Mostly, Maltin “just did some exhortations” and “shot some vines” (referring to Twitter’s video service) for promotional purposes. “It was all very simple,” he says. “I worked with some very nice people.”
It soon became clear just how nice Maltin’s contacts were. Five days after the critic lent his name and Twitter wit to the auction, Honda revealed they would be dipping a little further into their drive-in fund. In a press release dated Sept. 16, Honda announced their intention to help several more theatres: “Based on the overwhelming response from fans and communities across the country for Project Drive-In, Honda is adding four more digital projectors to its national effort to save drive-ins.”
By Sept. 27, as many drive-ins prepared to close for the season, Honda had ensured nine theatres would reopen for business come spring. These drive-ins included Russell’s Saco, Scott’s Graham and Wetzel’s Stateline drive-ins, as well as theatres in Michigan, Oregon, Florida, South Carolina, Missouri and Illinois. The winners were over the moon, only re-entering the stratosphere to begin preparing for their new digital equipment.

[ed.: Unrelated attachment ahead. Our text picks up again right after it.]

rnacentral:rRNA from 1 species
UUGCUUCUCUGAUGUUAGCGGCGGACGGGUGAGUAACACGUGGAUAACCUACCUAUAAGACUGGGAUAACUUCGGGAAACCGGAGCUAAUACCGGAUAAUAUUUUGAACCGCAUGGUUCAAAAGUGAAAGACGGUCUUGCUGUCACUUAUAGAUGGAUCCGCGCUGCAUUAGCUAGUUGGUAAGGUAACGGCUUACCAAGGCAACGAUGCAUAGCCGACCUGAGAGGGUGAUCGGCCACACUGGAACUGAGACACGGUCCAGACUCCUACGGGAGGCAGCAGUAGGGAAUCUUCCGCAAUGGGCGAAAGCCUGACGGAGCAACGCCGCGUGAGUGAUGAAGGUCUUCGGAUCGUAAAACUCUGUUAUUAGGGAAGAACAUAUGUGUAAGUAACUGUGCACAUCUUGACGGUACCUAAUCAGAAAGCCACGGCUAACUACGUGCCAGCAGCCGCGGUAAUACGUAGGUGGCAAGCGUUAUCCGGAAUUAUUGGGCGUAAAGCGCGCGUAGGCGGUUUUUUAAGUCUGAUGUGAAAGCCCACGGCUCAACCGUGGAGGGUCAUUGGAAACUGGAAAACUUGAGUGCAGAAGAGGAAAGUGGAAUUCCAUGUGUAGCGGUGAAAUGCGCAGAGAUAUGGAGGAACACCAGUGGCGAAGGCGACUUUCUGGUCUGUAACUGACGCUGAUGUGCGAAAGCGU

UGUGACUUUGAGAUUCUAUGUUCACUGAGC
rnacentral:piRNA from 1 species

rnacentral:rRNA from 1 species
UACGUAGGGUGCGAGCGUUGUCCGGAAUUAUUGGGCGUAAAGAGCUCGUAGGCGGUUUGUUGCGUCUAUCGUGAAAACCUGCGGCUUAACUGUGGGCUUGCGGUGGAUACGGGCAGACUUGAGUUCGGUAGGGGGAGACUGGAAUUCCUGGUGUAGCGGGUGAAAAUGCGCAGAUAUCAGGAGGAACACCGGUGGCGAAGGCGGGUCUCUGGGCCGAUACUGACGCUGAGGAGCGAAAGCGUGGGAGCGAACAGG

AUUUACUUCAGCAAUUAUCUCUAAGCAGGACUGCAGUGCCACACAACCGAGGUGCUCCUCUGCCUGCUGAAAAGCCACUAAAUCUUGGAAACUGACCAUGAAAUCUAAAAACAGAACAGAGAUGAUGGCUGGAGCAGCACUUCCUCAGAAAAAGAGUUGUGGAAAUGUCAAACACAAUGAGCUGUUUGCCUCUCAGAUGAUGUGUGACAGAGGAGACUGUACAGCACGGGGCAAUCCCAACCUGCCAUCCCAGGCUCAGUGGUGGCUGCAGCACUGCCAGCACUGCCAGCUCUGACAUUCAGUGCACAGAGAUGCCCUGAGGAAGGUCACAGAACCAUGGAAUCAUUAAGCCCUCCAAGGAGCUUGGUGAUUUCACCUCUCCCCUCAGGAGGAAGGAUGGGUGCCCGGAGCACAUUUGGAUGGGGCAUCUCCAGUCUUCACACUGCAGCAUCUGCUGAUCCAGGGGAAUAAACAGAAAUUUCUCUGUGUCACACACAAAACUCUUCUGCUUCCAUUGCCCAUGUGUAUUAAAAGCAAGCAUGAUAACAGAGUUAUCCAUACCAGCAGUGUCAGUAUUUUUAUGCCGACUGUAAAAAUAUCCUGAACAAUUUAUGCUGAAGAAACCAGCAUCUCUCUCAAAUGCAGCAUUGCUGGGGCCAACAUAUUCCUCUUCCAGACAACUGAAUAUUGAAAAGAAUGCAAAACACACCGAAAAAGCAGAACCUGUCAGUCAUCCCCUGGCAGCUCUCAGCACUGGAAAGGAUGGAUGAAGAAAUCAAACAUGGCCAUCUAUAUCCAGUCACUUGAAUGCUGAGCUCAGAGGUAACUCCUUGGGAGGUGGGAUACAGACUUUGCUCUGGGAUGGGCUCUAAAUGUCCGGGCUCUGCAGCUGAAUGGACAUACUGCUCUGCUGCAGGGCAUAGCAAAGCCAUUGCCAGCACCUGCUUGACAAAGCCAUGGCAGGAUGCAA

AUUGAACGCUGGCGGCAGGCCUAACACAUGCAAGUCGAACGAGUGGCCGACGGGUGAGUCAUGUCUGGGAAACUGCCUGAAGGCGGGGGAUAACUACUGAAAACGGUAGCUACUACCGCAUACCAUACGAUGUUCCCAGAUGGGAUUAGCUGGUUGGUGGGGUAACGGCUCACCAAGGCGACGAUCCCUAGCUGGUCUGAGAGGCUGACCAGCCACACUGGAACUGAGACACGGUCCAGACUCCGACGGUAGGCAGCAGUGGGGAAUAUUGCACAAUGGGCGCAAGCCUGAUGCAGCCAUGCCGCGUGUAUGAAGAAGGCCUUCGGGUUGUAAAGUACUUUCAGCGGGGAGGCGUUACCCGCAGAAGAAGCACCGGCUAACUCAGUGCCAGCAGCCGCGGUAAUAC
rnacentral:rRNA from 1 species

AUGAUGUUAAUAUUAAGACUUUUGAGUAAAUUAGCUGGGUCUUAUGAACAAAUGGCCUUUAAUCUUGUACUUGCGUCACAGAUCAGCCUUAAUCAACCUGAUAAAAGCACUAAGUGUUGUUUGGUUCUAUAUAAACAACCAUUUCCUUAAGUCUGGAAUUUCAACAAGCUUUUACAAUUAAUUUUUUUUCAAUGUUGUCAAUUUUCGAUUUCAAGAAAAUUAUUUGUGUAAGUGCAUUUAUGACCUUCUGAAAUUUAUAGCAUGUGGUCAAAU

Jones describes how she and several Honda representatives broke the news to the first five winners. Looking to capture their responses at the moment of realization, Jones dressed up as a reporter and pretended she was in town filming a piece on drive-in theatres. When the cameras began rolling, she dropped the bit, and revealed who she was. Many of the winners’ reactions have been edited together into a video on projectdrivein.com. You can watch Russell burst into tears and Scott jump into the arms of her husband and her business partner. Jones says the two women “just screamed and jumped up and down and hugged each other. It was really heartwarming to see.”
As one of the four winners of the second round of Project Drive-In, Wetzel didn’t receive a personal visit, but a phone call. In many ways, this provided the perfect opportunity for the kind of cinematic anecdote on which such human-interest stories turn. After answering the call from California (at first, he wasn’t sure if it was one of his West Coast army buddies pulling his leg), Wetzel contacted his wife at her job at the local elementary school. She began crying and told her co-workers, who then announced the news over the school’s loudspeaker—many of the students had voted for the town institution. “When they announced it, the whole school was just cheering and jumping up and down,” Wetzel recalls. “It was pretty cool.”
Thanks to Project Drive-In, there are nine theatres that have been given the gift of sustainability. They’ll continue to operate and act as seasonal community hubs for years to come, perhaps reaching their 100 or 150th anniversaries, if many of their owners have anything to say about it.
There are, however, still hundreds of drive-in theatres struggling to afford digital equipment. And not everyone is thrilled with the outcome of Honda’s program.